Tuesday, April 10, 2018
Can an employer force someone to retire?
Employers used to be able to force workers to retire at 65, this was known as the Default Retirement Age, however, this law was scrapped in April 2011.
This means that employees can keep working beyond 65 if they want to or need to and are capable of undertaking.
There are exceptions in some situations where an employer can force employees to retire by law, but they must give a good reason why. Employees may be asked to retire early if the job:
• requires employees to have a certain level of mental or physical abilities, or
• has an age limit set by another law
If employees are forced to retire, the employer must follow a fair procedure, maybe even look at alternatives and then give the employee enough notice.
Employers still have the right to make redundancies and dismiss employees if they are underperforming, but these decisions should be based on objective criteria and not because of the individual's age.
Do employees still get a State Pension if they continue working?
The ‘State Pension age’ is the earliest age an individual can claim the State Pension.
As the individual approaches State Pension age, they will be given
a choice of whether to claim or delay their State Pension payments. The individual can still claim their State Pension while they are working but they may wish to defer it, which can have some financial benefits.
Any private or workplace pension scheme may have an earlier age where they can start receiving their pension (usually 55), even while they are still working. Schemes vary so ask the fund or employer about how your pension is affected if you change your work arrangements or continue working beyond State Pension age.
Expert employment solicitor Paul Jackson answers some questions and explains the rules around retirement.
Can an employee be made to retire from work?
There are instances and we all know this where a worker an employee is not doing their job so well, maybe even doing it badly and there are instances where perhaps some of us comes to the end of our working life in a particular job and where perhaps we even compromise that the safety and well-being of those around us. In an instance like that an employer can genuinely say I'm thinking typically might be an older worker might not but might be this person now does need to do something different because they're not performing well and that would be a capability issue, that would justify perhaps a person now but again it will be based on the individual it should not be based, on oh they're over a certain number in terms of their age based on this individual happens not to be performing so well and there it can be justified.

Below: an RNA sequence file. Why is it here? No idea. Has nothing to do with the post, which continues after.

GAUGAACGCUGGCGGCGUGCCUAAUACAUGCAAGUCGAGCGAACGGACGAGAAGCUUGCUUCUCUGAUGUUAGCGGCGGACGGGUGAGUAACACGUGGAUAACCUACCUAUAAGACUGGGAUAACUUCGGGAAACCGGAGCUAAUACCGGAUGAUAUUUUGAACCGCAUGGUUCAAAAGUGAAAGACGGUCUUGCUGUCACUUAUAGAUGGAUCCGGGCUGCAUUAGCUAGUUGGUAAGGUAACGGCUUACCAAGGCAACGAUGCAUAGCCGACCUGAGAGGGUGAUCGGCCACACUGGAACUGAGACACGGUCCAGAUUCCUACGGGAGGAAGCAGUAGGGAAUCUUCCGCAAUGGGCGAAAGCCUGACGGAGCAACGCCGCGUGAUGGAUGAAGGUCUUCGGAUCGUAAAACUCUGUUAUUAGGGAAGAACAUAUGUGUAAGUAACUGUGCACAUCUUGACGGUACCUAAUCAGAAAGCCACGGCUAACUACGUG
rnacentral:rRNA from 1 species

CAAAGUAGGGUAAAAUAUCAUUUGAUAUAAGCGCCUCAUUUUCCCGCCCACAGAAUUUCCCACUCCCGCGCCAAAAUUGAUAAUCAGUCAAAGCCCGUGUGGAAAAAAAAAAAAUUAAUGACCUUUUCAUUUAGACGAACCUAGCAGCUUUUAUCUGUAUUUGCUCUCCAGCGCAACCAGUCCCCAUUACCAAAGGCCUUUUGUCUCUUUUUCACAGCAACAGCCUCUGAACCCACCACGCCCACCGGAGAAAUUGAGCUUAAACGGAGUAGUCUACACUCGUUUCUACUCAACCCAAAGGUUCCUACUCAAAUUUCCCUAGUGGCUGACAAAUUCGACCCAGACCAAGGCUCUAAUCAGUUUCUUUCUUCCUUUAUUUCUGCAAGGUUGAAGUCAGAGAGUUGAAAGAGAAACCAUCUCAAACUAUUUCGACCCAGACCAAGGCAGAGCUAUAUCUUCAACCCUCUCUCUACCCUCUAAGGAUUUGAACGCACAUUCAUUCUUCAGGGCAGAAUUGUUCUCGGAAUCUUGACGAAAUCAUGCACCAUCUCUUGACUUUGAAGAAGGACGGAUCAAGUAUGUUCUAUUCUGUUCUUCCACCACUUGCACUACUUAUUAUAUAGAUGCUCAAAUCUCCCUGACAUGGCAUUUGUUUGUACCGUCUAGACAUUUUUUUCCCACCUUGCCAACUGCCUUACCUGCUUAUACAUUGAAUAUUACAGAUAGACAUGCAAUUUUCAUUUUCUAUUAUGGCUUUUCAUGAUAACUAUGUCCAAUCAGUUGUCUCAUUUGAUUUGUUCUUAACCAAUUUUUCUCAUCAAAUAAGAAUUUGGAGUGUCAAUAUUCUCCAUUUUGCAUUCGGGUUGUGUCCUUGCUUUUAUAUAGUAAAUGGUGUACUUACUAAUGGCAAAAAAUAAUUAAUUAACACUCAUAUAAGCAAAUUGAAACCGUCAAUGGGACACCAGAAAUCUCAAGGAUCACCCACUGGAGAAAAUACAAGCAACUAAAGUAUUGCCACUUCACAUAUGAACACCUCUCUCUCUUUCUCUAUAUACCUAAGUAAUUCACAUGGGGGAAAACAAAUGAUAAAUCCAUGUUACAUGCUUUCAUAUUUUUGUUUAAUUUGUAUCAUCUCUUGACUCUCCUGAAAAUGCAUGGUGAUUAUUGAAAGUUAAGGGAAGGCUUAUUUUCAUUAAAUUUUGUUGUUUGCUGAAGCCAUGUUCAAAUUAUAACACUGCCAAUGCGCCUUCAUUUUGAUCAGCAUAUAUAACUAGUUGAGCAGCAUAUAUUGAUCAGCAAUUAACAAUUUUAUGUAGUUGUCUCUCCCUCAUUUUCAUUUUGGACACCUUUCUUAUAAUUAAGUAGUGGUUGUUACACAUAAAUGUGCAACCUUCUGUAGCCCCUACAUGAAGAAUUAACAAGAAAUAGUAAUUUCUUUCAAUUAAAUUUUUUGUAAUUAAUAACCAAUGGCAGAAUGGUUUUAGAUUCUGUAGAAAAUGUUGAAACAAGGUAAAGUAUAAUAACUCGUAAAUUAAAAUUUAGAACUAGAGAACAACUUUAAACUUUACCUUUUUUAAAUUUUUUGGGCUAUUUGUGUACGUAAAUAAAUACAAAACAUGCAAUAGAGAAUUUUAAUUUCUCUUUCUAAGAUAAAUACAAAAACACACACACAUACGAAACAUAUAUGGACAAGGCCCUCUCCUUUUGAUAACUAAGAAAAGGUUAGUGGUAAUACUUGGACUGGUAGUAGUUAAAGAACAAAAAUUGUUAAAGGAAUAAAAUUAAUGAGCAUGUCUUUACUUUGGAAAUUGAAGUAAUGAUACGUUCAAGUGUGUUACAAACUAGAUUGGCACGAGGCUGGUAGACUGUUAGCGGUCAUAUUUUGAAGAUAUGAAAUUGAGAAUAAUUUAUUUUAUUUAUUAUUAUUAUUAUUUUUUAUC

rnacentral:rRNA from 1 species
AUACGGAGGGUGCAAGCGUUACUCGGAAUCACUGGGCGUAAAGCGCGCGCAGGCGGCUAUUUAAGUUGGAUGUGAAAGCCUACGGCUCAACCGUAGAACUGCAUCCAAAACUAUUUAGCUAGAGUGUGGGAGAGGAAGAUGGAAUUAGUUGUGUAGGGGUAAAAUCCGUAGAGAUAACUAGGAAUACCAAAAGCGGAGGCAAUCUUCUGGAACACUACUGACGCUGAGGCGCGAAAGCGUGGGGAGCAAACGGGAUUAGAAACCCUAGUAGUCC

Can employers justify putting a retirement age in their terms and conditions?
For the last few years, it's been the law that you generally don't have a compulsory retirement age it needs to be down to what the individual can do so the short answer the simple answer to that is no.
Can an employer retire an older employee whose performance has deteriorated but who is reluctant to retire voluntarily?
Certainly when it becomes a capability issue person really is managing to do the job well then it is possible to ask that person to leave that job but to do it on grounds of retirement is possibly the wrong way to do it it's more a capability issue and it's down to doing it hopefully gently and reasonably by the employer but if there are objective reasons like that, of course, it is right that something should be done as fairly and gently as possible looking at alternatives.
About the Expert
Paul read law at Cambridge and trained at Clifford Chance LLP in the City of London. He specialises in employment law, commercial law and civil litigation including advocacy in employment tribunals and the civil courts as a Higher Rights Advocate.
Before working for more than ten years in the City of London as a solicitor he worked in commerce including publishing and corporate finance.